Dietary n-3 fatty acids, curcumin and capsaicin lower the release of lysosomal enzymes and eicosanoids in rat peritoneal macrophages.
Mol Cell Biochem. 2000 Jan;203(1-2):153-61. PMID: 10724344
Department of Biochemistry and Nutrition, Central Food Technological Research Institute, Mysore, India.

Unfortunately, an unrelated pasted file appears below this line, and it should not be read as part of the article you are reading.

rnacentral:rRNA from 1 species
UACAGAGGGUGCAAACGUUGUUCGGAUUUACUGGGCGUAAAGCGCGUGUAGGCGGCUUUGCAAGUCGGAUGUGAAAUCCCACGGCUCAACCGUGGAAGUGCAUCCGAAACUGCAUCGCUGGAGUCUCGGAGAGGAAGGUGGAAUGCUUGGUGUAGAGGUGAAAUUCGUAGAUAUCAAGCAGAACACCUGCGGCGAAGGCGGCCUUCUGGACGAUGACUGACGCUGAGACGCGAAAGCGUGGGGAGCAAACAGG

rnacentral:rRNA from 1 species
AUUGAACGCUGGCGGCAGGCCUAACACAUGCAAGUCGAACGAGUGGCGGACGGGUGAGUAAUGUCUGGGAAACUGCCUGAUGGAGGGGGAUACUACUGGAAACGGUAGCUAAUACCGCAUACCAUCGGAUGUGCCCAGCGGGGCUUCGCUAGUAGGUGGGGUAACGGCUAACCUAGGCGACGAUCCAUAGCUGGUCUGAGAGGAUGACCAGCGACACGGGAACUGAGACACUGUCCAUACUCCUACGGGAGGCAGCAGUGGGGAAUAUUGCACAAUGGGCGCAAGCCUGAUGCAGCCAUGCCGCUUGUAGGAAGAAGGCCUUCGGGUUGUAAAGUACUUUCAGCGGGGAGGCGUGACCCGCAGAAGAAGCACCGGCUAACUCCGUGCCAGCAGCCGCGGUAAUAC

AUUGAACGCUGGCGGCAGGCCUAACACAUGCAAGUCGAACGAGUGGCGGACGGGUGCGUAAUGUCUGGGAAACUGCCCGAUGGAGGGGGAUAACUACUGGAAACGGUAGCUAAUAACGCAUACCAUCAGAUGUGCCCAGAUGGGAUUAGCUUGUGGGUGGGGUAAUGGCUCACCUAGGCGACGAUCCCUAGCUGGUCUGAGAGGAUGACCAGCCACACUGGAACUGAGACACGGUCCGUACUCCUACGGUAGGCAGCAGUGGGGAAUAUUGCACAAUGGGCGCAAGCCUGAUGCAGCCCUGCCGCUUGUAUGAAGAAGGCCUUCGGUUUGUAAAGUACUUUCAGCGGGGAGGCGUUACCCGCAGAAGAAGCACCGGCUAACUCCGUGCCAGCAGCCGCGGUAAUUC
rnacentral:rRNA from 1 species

Male Wistar rats (12 rats/group) were fed a diet containing 8 wt % coconut oil or groundnut oil or cod-liver oil for a total period of 8 weeks. The diets were also supplemented with 2 wt % groundnut oil for providing essential fatty acids. During the last 2 weeks, 6 rats form each group were additionally given curcumin (30 mg/kg body wt/day) or capsaicin (5 mg/kg body wt/day) in 1 ml groundnut oil. The peritoneal macrophages from rats fed cod-liver oil diet secreted lower levels of lysosomal enzymes collagenase, elastase and hyaluronidase as compared to those from rats fed coconut oil or groundnut oil diets. Curcumin and capsaicin significantly lowered the secretion of these lysosomal enzymes from macrophages in animals given coconut oil or groundnut oil diet. Macrophages from rats fed cod-liver oil secreted lower amounts of prostaglandin E2, 6-keto PGF1alpha, leukotrienes B4 and C4 and also incorporated lesser amounts of [3H]-arachidonic acid as compared to those given coconut oil or groundnut oil diets. Curcumin and capsaicin lowered the secretion of these eicosanoids and decreased the incorporation of [3H]-arachidonic acid in macrophage lipids. However curcumin and capsaicin significantly increased the secretion of 6-keto PGF1alpha in all the groups of animals. These studies indicated that dietary cod-liver oil (rich in n-3 fatty acids), and spice principles curcumin and capsaicin can lower the secretory functions of macrophages in a beneficial manner.